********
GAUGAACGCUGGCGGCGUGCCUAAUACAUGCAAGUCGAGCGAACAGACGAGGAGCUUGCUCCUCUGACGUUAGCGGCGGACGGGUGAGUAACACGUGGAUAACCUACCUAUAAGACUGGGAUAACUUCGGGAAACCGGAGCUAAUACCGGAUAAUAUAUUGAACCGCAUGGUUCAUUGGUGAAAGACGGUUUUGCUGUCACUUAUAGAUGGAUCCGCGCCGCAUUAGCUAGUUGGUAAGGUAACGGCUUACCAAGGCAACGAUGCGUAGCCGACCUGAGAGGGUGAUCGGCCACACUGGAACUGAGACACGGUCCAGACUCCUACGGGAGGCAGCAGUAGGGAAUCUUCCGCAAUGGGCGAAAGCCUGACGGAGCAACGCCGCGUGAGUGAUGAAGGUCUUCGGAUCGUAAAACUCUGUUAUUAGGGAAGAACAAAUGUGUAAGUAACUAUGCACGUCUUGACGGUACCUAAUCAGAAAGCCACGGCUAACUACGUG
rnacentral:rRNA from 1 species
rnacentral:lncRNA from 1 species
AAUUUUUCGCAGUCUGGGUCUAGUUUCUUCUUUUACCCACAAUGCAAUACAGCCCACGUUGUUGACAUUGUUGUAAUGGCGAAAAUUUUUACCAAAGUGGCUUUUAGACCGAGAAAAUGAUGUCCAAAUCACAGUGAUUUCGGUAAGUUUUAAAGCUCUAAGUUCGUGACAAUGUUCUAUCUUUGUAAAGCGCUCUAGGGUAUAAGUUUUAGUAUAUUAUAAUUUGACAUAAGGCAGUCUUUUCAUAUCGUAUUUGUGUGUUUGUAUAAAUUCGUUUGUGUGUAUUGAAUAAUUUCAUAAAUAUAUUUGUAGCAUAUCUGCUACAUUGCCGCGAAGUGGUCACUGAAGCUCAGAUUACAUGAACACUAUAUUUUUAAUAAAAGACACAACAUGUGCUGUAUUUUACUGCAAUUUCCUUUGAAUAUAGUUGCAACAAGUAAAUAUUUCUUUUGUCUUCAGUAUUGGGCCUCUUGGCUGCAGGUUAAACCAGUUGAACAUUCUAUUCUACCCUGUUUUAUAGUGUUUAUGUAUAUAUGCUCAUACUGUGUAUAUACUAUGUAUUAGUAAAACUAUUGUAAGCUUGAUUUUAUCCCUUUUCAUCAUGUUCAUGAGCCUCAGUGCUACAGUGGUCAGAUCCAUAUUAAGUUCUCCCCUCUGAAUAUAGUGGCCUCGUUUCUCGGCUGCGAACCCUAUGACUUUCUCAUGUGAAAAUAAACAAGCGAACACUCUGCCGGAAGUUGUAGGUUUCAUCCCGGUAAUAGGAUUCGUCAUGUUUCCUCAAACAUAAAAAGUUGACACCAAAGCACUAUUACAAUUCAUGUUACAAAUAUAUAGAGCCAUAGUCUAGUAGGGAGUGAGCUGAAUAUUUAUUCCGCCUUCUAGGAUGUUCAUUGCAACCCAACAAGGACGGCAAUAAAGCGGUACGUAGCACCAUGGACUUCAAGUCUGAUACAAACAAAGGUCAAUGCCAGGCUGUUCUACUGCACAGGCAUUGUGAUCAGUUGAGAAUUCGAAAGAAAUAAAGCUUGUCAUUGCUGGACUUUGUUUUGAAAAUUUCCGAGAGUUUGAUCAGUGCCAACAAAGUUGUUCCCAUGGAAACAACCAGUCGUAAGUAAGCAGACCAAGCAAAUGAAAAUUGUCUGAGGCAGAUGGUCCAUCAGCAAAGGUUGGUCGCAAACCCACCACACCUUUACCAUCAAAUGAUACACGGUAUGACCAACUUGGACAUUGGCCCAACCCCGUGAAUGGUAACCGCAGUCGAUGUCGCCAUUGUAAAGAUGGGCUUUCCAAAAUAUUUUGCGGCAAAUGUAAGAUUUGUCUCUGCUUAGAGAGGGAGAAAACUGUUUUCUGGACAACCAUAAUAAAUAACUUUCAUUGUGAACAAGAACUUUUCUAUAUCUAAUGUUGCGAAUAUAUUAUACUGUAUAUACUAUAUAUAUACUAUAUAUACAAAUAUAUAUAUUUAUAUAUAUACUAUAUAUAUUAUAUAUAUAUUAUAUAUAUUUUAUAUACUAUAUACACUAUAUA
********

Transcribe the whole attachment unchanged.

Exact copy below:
GAUGAACGCUGGCGGCGUGCCUAAUACAUGCAAGUCGAGCGAACAGACGAGGAGCUUGCUCCUCUGACGUUAGCGGCGGACGGGUGAGUAACACGUGGAUAACCUACCUAUAAGACUGGGAUAACUUCGGGAAACCGGAGCUAAUACCGGAUAAUAUAUUGAACCGCAUGGUUCAUUGGUGAAAGACGGUUUUGCUGUCACUUAUAGAUGGAUCCGCGCCGCAUUAGCUAGUUGGUAAGGUAACGGCUUACCAAGGCAACGAUGCGUAGCCGACCUGAGAGGGUGAUCGGCCACACUGGAACUGAGACACGGUCCAGACUCCUACGGGAGGCAGCAGUAGGGAAUCUUCCGCAAUGGGCGAAAGCCUGACGGAGCAACGCCGCGUGAGUGAUGAAGGUCUUCGGAUCGUAAAACUCUGUUAUUAGGGAAGAACAAAUGUGUAAGUAACUAUGCACGUCUUGACGGUACCUAAUCAGAAAGCCACGGCUAACUACGUG
rnacentral:rRNA from 1 species
rnacentral:lncRNA from 1 species
AAUUUUUCGCAGUCUGGGUCUAGUUUCUUCUUUUACCCACAAUGCAAUACAGCCCACGUUGUUGACAUUGUUGUAAUGGCGAAAAUUUUUACCAAAGUGGCUUUUAGACCGAGAAAAUGAUGUCCAAAUCACAGUGAUUUCGGUAAGUUUUAAAGCUCUAAGUUCGUGACAAUGUUCUAUCUUUGUAAAGCGCUCUAGGGUAUAAGUUUUAGUAUAUUAUAAUUUGACAUAAGGCAGUCUUUUCAUAUCGUAUUUGUGUGUUUGUAUAAAUUCGUUUGUGUGUAUUGAAUAAUUUCAUAAAUAUAUUUGUAGCAUAUCUGCUACAUUGCCGCGAAGUGGUCACUGAAGCUCAGAUUACAUGAACACUAUAUUUUUAAUAAAAGACACAACAUGUGCUGUAUUUUACUGCAAUUUCCUUUGAAUAUAGUUGCAACAAGUAAAUAUUUCUUUUGUCUUCAGUAUUGGGCCUCUUGGCUGCAGGUUAAACCAGUUGAACAUUCUAUUCUACCCUGUUUUAUAGUGUUUAUGUAUAUAUGCUCAUACUGUGUAUAUACUAUGUAUUAGUAAAACUAUUGUAAGCUUGAUUUUAUCCCUUUUCAUCAUGUUCAUGAGCCUCAGUGCUACAGUGGUCAGAUCCAUAUUAAGUUCUCCCCUCUGAAUAUAGUGGCCUCGUUUCUCGGCUGCGAACCCUAUGACUUUCUCAUGUGAAAAUAAACAAGCGAACACUCUGCCGGAAGUUGUAGGUUUCAUCCCGGUAAUAGGAUUCGUCAUGUUUCCUCAAACAUAAAAAGUUGACACCAAAGCACUAUUACAAUUCAUGUUACAAAUAUAUAGAGCCAUAGUCUAGUAGGGAGUGAGCUGAAUAUUUAUUCCGCCUUCUAGGAUGUUCAUUGCAACCCAACAAGGACGGCAAUAAAGCGGUACGUAGCACCAUGGACUUCAAGUCUGAUACAAACAAAGGUCAAUGCCAGGCUGUUCUACUGCACAGGCAUUGUGAUCAGUUGAGAAUUCGAAAGAAAUAAAGCUUGUCAUUGCUGGACUUUGUUUUGAAAAUUUCCGAGAGUUUGAUCAGUGCCAACAAAGUUGUUCCCAUGGAAACAACCAGUCGUAAGUAAGCAGACCAAGCAAAUGAAAAUUGUCUGAGGCAGAUGGUCCAUCAGCAAAGGUUGGUCGCAAACCCACCACACCUUUACCAUCAAAUGAUACACGGUAUGACCAACUUGGACAUUGGCCCAACCCCGUGAAUGGUAACCGCAGUCGAUGUCGCCAUUGUAAAGAUGGGCUUUCCAAAAUAUUUUGCGGCAAAUGUAAGAUUUGUCUCUGCUUAGAGAGGGAGAAAACUGUUUUCUGGACAACCAUAAUAAAUAACUUUCAUUGUGAACAAGAACUUUUCUAUAUCUAAUGUUGCGAAUAUAUUAUACUGUAUAUACUAUAUAUAUACUAUAUAUACAAAUAUAUAUAUUUAUAUAUAUACUAUAUAUAUUAUAUAUAUAUUAUAUAUAUUUUAUAUACUAUAUACACUAUAUA